Washington Gold & Fish Update
July 2001 by Greg ChristensenWashington’s mineral prospecting regulations, adopted Jan. 1999, have indeed caused great chaos for those who enjoy the hobby and also those who were accustomed to making a living by operating larger (8”) dredges. The discussion within the miners’ network has not decreased; at best it is a slow simmer.
• Environmental solution becomes the problem
• How much money are you forfeiting?
• The unbearable snowman
Don’t hunker down and just keep digging in one spot where there is very little or no gold—if you don’t find it, you’ve got to get up and move on!
Excerpts from California Mining Journal, our original title, published 50 years ago this month.
This is just the type of specimen that could have been easily ignored by the old-time miners. It felt a little heavier in my hand than a chunk of quartz of that size ought to have been.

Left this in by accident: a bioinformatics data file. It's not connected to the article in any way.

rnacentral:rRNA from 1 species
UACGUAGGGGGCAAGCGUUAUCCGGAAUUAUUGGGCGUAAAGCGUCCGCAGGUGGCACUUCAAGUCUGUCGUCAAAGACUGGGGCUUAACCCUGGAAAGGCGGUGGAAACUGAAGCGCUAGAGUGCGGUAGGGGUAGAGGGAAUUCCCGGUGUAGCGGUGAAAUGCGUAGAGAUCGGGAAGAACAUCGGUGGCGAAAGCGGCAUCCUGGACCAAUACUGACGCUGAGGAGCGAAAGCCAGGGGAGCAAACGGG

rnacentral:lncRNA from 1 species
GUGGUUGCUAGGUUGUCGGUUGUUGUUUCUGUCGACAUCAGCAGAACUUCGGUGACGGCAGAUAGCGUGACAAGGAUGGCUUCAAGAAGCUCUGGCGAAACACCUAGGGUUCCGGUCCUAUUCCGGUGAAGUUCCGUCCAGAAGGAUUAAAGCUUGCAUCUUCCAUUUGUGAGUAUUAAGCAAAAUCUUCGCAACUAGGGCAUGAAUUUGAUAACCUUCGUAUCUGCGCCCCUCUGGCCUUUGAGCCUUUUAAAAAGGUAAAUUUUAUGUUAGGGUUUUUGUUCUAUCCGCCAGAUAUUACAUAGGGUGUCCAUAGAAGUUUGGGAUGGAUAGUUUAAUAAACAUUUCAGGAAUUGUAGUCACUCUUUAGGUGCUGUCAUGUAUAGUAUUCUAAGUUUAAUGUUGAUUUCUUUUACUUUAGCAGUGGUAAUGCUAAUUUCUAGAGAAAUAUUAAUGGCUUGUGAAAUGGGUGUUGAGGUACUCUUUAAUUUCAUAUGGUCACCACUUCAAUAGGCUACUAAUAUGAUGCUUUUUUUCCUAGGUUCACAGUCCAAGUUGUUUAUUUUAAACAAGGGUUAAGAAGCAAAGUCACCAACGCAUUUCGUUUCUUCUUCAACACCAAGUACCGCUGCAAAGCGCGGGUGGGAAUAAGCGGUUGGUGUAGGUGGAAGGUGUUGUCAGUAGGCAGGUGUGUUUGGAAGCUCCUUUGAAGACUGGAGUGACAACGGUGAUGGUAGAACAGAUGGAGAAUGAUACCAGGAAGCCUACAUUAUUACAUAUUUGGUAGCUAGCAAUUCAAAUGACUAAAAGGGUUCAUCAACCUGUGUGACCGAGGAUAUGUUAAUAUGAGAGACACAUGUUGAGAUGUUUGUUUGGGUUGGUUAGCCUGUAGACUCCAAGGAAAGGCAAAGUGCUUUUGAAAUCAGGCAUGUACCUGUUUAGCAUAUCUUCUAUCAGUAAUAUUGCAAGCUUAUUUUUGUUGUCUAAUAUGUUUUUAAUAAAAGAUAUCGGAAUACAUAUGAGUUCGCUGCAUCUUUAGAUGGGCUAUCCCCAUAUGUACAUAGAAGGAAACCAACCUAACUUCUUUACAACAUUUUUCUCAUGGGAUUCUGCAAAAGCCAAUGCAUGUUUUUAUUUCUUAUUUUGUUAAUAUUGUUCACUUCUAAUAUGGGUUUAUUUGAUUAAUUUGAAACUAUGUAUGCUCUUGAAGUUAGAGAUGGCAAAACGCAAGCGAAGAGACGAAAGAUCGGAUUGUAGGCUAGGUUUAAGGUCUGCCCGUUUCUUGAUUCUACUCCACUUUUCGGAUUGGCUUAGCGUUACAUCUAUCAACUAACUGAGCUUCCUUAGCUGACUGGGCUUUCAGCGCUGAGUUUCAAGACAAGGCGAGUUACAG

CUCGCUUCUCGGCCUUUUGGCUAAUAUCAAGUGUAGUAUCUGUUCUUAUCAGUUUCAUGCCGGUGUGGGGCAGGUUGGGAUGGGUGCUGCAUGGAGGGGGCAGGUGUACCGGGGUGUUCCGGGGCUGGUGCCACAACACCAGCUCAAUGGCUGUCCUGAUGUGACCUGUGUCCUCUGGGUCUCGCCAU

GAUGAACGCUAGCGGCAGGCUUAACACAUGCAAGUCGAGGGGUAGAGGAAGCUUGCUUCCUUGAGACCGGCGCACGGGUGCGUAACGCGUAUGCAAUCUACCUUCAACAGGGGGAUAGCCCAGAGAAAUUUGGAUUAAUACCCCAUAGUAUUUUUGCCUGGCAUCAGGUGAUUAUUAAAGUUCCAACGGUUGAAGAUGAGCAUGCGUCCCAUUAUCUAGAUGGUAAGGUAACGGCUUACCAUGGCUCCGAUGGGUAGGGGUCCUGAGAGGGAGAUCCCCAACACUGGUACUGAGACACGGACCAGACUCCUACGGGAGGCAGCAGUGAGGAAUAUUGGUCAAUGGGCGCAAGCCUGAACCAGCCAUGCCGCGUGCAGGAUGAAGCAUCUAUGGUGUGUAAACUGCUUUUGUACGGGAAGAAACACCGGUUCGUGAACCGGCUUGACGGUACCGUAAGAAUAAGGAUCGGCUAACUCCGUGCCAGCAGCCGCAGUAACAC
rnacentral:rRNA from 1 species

These are just some of the ways I have been able to find new spots to metal detect for gold.
An example of some of this extraordinary ore was a lot of about four tons from the Florence mine during the last days of a lease that averaged over 300 ounces of gold per ton.
The Bawl Mill • Our Readers Say • Global Warming—The Press Gets it Wrong, Our Report Doesn't Support the Kyoto Treaty • Former Sunshine Miners Find Work in Montana • CMA Conference Summary • Uranium Deposits • Prospecting for Diamonds: Is It a Diamond or Crystal Quartz? • Basic Information About Gold Detectors • Oil Seeps in Northern California • Diamond Dealer Prevails in Congo • Company Notes • Picks & Pans: The Gold Bullion Mine • Arizona's Border Silver Camps • The Stonewall Jackson Mine, San Diego County, California • Proposal Submitted for Lab at Homestake • Mining Stock Quotes and Mineral & Metal Prices • Melman on Gold & Silver